On August 25, observations out of the Virgin Islands reported a cyclonic storm of moderate intensity passing to the north. This leads to the possibility that the storm originated further east, as is typical of Cape Verde-type hurricanes. Nonetheless, the tropical storm traversed towards the northeast at a gradual pace. Due to the lack of ship reports between the Bahamas and Bermuda, very little is known of the storm's developments in these locations. However, the USS Argus encountered the storm as it was miles to the east of Georgia on August 30, remarking at the torment's "impressive curtain of precipitation." The following day, the hurricane made landfall near New Bern, North Carolina with winds estimated around 80 mph, making it a minimal hurricane at the time that it moved ashore. Despite its intensity, several homes and businesses were flattened, and the hurricane's storm surge resulted in impressive coastal erosion. A high pressure system stalled the storm and caused it to move slowly westward over North Carolina. As a result, copious rainfall totals approaching 30 inches were documented, especially in the western, more mountainous portions of the state. Land interaction weakened the storm until it was last noted on September 1.
On September 6, a weak disturbance was noted near Cape Verde and producing light albeit cyclonic winds. No ships recorded any development from this system until a ship documented extremely low barometric pressures and winds in excess of 100 mph southeast of Bermuda a week later on September 13. The storm remained offshore and recurved further out to sea, weakening before eventually dissipating. Impacts in Bermuda remained limited to a few showers and heavy coastal surf.
Tropical Storm Fourteen
Tropical Storm Fifteen
On September 29, an intense tropical storm was noted by ships operating north of the Turks of Caicos. This system was steered northward by the Bermuda High, which was positioned unusually westward at the time. The storm grew strength as it moved across the Gulf Stream, reaching hurricane intensity on September 31. It then crossed the Outer Banks of North Carolina before passing near Norfolk, Virginia on October 2 with winds of around 95 mph. The storm then weakened as it moved northeastward before making a final landfall on Nova Scotia on October 5.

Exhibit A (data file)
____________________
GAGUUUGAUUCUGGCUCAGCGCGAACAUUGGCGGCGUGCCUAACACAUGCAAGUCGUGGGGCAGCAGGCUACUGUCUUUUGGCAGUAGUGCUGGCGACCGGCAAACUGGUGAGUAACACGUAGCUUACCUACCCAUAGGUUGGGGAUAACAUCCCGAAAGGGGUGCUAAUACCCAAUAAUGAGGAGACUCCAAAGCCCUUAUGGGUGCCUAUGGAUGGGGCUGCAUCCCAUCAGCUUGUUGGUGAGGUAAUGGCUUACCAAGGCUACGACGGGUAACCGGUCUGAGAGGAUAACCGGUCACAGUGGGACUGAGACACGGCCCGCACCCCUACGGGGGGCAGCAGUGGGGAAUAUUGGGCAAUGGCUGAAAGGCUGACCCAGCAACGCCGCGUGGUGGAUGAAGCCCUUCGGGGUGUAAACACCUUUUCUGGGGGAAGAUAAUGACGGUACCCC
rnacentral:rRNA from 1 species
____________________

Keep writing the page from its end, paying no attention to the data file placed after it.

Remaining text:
An intense gale was noted on October 4 east of Nicaragua. Monsoonal flows from the eastern Caribbean and Central America helped to fuel this developing system, allowing it to reach hurricane strength on October 6 near the Swan Islands. Winds peaked at 105 mph before the storm made landfall on Honduras during the night of October 8. Numerous trees were blown down, though any other impacts are difficult to ascertain.
Tropical Storm Nineteen
Reports of strong gales were documented on the Florida Keys on November 13. Due to the widespread nature of this system and a strong SW-NE motion, it is acknowledged that a strong developing nor'easter fueled by the subtropical and polar jet streams may have led to this storm being reported as a tropical system. Nonetheless, winds reached 50 mph near the Dry Tortugas and several fortifications were destroyed. One person was killed.
On December 21, a tropical storm was observed tracking quickly westward in the Caribbean Sea. Intensifying steadily, it reached hurricane strength on December 23 in the Yucatán Channel. Winds peaked at near 100 mph as this tempest closed in on Mobile, Alabama. However, a strong field of wind shear developed in the northern Gulf of Mexico as the hurricane neared the area, quickly weakening the storm before it dissipated offshore on December 25.